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    1. A communist Russia is not what I speak of.

      It is NOT a democracy.

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    2. What logical proof have you that communism inherently commands and demands violence? Read your Bible and you will learn how its God spends a lot of pages in the first five books of the Bible demanding that a people he calls corrupt go and stone innocent people to death? Remember the Bible being morally correct on all matters is essential if you want to think God really founded Christianity. Go and look at your own system before you condemn anybody else's.

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    3. Who mentioned "violence"??

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    4. 13.41 Communism is militant atheism so that automatically includes violence. Our Faith today is distilled through Jesus who never condemned those who tortured him.

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    5. The leading country in the communist world was Russia. Communism may not have been athetistic is Stalin was given an easier exit from seminary.

      Dont be fooled into thinking capitolism is any different - it just uses religion to further its own gains.

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  9. The Catholic Patron of our primary school relinquished control,only for the parents association to protest. five years earlier parents said they were happy for the school to forgo its ethos, and when push came to shove, the very ones were literally protesting outside. there's nowt as queer as folk.

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  10. Bishop Pat,
    What a strange argument you make. Your supposed Office as Bishop is the product of RELIGION since Spirituality has no need of such. Are you having your cake while trying to eat it?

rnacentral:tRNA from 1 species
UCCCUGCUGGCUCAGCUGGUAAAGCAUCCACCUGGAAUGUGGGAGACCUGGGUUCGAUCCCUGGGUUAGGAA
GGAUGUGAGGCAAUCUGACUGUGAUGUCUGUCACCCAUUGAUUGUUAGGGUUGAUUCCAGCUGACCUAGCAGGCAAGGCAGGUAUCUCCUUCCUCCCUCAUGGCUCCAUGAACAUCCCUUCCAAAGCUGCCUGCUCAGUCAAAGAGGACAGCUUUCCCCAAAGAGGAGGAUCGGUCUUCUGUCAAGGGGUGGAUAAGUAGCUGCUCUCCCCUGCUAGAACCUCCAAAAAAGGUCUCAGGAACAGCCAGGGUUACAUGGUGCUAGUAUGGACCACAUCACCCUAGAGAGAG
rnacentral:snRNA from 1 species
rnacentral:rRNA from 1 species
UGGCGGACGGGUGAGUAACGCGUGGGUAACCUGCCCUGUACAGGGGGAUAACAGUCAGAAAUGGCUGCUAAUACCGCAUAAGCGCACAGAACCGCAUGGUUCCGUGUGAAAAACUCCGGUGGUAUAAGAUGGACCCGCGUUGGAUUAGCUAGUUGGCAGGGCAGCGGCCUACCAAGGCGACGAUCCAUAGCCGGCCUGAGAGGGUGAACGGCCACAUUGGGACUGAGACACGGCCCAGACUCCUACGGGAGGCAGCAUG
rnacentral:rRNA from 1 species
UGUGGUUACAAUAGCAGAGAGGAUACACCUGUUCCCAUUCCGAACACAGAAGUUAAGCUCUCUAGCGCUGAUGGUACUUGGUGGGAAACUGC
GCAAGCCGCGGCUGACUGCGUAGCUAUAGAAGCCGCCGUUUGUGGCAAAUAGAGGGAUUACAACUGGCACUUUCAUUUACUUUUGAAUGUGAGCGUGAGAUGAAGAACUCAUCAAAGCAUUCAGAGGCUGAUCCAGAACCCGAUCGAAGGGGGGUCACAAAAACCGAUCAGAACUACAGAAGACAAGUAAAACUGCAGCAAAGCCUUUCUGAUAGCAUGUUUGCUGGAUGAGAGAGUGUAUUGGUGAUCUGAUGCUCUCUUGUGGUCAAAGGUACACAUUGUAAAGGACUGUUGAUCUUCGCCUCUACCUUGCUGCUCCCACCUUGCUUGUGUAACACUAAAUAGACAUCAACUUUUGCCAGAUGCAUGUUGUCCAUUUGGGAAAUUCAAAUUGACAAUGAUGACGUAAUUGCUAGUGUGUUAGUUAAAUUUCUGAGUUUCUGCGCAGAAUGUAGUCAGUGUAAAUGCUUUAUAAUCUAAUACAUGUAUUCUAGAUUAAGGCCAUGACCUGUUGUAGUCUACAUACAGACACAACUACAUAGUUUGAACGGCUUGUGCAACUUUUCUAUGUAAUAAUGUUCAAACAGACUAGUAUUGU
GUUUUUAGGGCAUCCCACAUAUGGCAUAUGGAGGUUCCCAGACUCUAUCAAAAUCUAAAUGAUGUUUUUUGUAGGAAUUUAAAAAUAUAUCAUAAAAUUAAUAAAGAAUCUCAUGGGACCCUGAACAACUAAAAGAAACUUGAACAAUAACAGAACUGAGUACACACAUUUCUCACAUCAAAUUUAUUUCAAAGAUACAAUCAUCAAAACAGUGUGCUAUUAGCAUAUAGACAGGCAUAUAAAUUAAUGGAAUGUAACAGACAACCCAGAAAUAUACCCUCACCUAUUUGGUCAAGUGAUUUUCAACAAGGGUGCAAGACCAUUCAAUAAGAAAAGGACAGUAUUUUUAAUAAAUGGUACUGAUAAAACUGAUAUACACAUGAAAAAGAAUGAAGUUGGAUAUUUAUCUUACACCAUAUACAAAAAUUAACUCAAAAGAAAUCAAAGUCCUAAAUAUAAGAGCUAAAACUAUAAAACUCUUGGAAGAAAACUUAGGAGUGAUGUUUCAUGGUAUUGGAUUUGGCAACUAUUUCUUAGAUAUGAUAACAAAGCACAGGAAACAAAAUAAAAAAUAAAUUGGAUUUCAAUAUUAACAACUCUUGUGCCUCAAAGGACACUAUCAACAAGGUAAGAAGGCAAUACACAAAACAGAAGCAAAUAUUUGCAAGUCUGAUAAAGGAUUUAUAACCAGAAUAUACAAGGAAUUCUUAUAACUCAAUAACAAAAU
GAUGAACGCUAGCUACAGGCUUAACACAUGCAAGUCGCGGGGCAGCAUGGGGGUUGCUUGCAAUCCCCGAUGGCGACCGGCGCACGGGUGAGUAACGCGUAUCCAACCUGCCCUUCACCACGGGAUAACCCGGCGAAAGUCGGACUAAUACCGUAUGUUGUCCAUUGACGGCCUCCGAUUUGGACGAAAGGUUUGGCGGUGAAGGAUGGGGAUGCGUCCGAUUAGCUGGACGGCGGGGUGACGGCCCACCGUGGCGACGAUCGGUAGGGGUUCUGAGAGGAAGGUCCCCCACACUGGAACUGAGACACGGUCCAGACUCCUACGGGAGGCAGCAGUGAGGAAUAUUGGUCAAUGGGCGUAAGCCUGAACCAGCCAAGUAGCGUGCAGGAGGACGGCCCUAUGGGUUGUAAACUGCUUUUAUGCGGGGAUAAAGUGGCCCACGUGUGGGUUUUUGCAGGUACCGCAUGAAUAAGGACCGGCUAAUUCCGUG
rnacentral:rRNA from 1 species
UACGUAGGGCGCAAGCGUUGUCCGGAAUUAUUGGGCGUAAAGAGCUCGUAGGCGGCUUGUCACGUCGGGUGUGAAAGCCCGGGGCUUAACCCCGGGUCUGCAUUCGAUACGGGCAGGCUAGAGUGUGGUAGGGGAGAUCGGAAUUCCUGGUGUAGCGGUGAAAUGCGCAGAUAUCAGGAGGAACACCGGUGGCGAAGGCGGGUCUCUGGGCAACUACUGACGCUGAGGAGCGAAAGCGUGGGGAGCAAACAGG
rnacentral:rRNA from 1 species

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    1. The bishop was merely the overseer in the early Christian community.

      He / she was not a dictator.

      Christianity started with spirituality and ended up a religion.

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    2. Not a dictator... Boyce, Martin, Martin, Clifford, Buckley(john), Smith, Cullinan, Daly, MaAreavy... need I say more.

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  11. To quote Tom Deenihan, "give the children formation not information".

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  12. There are lots of posts about sex lifestyles and scandals. The first question to ask about religion is what is it for and how does it work. The starting point needs to be Jesus and us what happens next. Perhaps there is more basic religion in humanist services than we think. I have come to believe religious education should be home and church based with schooks giving a general overview

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  13. I believe the Church will soon have to completely re-evaluate its involvement andvrole in the running and management of primary schools. Apart frim the cultural and social changes and the demographics of the population, there is also the challenge of availability of clergy to fully act as chaplains and chairpersons, though in many places lay people act in the role of chairperson. It can be very dufgicukt to find suitable, willing people for such role. Already, we only see children & families in our Churches at moments of ritual celebrations after which they rarely come to join with the Christian community. Change is inevitable over time and there are many factors which bring this abiut. We sometimes seem swamped by the challenge to re-evangelise in a creative, dynamic way which tiuches people in their present lives, even though we revignise a spiritual hunger. I believe if those who are true followers of Christ and those who belong and are genuine about the survival of Christianity and religious expressions and celebrations reflect and pray together, perhaps we might have a cimmin visiin by literally taking tge gospel seriously and luving it. We who are truly concerned. the remnant, must as a.priority reenvision Christianity - much like the eatly Church in the Acts of the Apostles - gathering for prayer, celebrating Eucharist, sharing gifts with and for the good of the community and ensuring the poor and needy are embraced. We have a long journey to take towards this vision. I don't think offering negative comments by way of condemning the Church in a nasty, vengeful, gleeful way helps in serious debate about necessary and urgent renewal in imitation of Christ. Let's offer insights that are hope-filled!